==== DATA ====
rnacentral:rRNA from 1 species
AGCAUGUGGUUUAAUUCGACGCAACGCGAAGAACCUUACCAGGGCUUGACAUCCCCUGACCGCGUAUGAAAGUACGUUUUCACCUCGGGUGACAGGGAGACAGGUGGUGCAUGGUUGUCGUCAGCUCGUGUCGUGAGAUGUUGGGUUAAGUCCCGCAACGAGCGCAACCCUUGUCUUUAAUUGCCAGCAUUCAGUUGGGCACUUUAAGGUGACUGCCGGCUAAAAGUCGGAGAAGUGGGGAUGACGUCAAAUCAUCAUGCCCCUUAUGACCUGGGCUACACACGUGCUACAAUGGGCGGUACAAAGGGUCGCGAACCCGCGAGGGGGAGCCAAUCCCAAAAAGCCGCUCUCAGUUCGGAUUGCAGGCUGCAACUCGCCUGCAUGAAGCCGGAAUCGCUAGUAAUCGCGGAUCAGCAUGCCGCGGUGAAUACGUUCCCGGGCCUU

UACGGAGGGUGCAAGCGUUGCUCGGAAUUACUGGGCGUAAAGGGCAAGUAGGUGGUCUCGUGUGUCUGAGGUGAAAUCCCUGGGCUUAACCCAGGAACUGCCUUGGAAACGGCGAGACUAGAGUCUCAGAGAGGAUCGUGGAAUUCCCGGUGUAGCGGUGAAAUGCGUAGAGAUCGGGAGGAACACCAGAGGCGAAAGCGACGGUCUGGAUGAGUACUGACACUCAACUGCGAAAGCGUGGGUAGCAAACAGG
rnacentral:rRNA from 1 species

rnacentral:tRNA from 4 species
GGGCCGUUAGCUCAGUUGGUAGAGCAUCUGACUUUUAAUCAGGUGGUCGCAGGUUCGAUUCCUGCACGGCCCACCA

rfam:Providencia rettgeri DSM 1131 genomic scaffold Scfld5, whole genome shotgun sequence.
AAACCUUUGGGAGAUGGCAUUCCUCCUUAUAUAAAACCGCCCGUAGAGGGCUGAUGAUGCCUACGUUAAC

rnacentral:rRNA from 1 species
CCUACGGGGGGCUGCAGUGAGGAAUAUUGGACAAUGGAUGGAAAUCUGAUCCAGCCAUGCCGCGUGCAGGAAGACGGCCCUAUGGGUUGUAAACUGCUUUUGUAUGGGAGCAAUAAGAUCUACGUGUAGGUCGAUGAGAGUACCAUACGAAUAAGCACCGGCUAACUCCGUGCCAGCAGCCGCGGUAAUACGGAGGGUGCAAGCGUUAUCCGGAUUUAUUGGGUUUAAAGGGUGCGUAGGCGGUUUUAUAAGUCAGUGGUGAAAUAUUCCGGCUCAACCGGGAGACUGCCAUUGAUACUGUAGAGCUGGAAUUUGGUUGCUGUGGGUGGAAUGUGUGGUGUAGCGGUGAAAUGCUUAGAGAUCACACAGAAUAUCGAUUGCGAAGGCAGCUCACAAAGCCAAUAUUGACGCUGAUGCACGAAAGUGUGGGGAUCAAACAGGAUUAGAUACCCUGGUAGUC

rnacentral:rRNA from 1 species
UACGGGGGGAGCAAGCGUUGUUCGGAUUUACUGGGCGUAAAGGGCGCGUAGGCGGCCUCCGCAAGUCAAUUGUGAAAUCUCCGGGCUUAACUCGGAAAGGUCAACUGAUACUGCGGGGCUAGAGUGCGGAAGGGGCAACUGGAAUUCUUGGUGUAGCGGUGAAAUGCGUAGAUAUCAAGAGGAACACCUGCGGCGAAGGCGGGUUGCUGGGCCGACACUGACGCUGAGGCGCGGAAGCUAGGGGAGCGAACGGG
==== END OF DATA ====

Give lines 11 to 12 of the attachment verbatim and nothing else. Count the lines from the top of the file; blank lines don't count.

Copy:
rnacentral:rRNA from 1 species
UACGGGGGGAGCAAGCGUUGUUCGGAUUUACUGGGCGUAAAGGGCGCGUAGGCGGCCUCCGCAAGUCAAUUGUGAAAUCUCCGGGCUUAACUCGGAAAGGUCAACUGAUACUGCGGGGCUAGAGUGCGGAAGGGGCAACUGGAAUUCUUGGUGUAGCGGUGAAAUGCGUAGAUAUCAAGAGGAACACCUGCGGCGAAGGCGGGUUGCUGGGCCGACACUGACGCUGAGGCGCGGAAGCUAGGGGAGCGAACGGG